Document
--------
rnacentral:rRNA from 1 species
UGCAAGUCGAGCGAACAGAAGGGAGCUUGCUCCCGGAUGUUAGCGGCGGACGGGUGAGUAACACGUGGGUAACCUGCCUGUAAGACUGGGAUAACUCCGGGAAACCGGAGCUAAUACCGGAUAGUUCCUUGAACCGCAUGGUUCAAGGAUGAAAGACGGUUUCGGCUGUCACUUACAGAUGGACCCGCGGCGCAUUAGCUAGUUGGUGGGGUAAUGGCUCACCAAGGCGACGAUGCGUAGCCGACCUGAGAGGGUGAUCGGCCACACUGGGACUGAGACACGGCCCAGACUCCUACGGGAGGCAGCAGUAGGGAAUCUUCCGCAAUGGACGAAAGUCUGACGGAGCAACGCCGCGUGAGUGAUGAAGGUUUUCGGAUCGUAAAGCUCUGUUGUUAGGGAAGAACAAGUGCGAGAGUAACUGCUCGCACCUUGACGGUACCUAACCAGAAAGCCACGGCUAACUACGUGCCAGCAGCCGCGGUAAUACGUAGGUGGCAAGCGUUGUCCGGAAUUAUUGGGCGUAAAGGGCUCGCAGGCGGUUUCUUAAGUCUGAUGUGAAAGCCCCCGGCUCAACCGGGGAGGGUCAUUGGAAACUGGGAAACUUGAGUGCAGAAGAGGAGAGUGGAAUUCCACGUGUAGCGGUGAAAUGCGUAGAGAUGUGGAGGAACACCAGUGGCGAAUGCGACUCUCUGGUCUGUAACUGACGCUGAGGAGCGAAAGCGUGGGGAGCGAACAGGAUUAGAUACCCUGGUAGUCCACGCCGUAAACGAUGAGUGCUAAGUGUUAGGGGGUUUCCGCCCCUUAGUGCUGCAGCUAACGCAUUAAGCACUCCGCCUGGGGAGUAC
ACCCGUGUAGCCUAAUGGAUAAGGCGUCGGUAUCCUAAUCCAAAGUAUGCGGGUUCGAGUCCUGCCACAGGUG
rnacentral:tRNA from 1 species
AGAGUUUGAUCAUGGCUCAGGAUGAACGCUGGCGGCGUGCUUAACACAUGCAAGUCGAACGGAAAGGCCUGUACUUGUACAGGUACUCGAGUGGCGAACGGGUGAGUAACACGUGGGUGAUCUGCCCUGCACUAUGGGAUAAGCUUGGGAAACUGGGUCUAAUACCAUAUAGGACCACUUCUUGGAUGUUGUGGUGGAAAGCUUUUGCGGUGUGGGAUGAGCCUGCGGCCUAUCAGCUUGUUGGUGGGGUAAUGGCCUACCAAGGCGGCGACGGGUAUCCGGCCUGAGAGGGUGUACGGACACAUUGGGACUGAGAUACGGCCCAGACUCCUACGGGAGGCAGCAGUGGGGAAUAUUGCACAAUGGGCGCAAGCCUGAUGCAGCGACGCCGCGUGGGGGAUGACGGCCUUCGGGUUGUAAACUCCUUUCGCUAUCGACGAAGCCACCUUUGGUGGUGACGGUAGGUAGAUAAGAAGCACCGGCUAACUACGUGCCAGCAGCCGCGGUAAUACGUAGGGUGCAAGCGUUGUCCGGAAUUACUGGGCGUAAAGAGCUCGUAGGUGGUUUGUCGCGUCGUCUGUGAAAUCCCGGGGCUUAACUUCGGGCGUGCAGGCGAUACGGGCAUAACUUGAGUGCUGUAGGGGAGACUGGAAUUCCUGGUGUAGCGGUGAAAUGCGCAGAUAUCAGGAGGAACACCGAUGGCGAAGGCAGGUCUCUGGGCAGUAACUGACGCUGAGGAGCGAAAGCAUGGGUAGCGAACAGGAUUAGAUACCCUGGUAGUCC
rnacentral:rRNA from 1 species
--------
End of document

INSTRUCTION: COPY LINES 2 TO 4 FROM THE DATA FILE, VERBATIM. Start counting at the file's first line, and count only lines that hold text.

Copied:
UGCAAGUCGAGCGAACAGAAGGGAGCUUGCUCCCGGAUGUUAGCGGCGGACGGGUGAGUAACACGUGGGUAACCUGCCUGUAAGACUGGGAUAACUCCGGGAAACCGGAGCUAAUACCGGAUAGUUCCUUGAACCGCAUGGUUCAAGGAUGAAAGACGGUUUCGGCUGUCACUUACAGAUGGACCCGCGGCGCAUUAGCUAGUUGGUGGGGUAAUGGCUCACCAAGGCGACGAUGCGUAGCCGACCUGAGAGGGUGAUCGGCCACACUGGGACUGAGACACGGCCCAGACUCCUACGGGAGGCAGCAGUAGGGAAUCUUCCGCAAUGGACGAAAGUCUGACGGAGCAACGCCGCGUGAGUGAUGAAGGUUUUCGGAUCGUAAAGCUCUGUUGUUAGGGAAGAACAAGUGCGAGAGUAACUGCUCGCACCUUGACGGUACCUAACCAGAAAGCCACGGCUAACUACGUGCCAGCAGCCGCGGUAAUACGUAGGUGGCAAGCGUUGUCCGGAAUUAUUGGGCGUAAAGGGCUCGCAGGCGGUUUCUUAAGUCUGAUGUGAAAGCCCCCGGCUCAACCGGGGAGGGUCAUUGGAAACUGGGAAACUUGAGUGCAGAAGAGGAGAGUGGAAUUCCACGUGUAGCGGUGAAAUGCGUAGAGAUGUGGAGGAACACCAGUGGCGAAUGCGACUCUCUGGUCUGUAACUGACGCUGAGGAGCGAAAGCGUGGGGAGCGAACAGGAUUAGAUACCCUGGUAGUCCACGCCGUAAACGAUGAGUGCUAAGUGUUAGGGGGUUUCCGCCCCUUAGUGCUGCAGCUAACGCAUUAAGCACUCCGCCUGGGGAGUAC
ACCCGUGUAGCCUAAUGGAUAAGGCGUCGGUAUCCUAAUCCAAAGUAUGCGGGUUCGAGUCCUGCCACAGGUG
rnacentral:tRNA from 1 species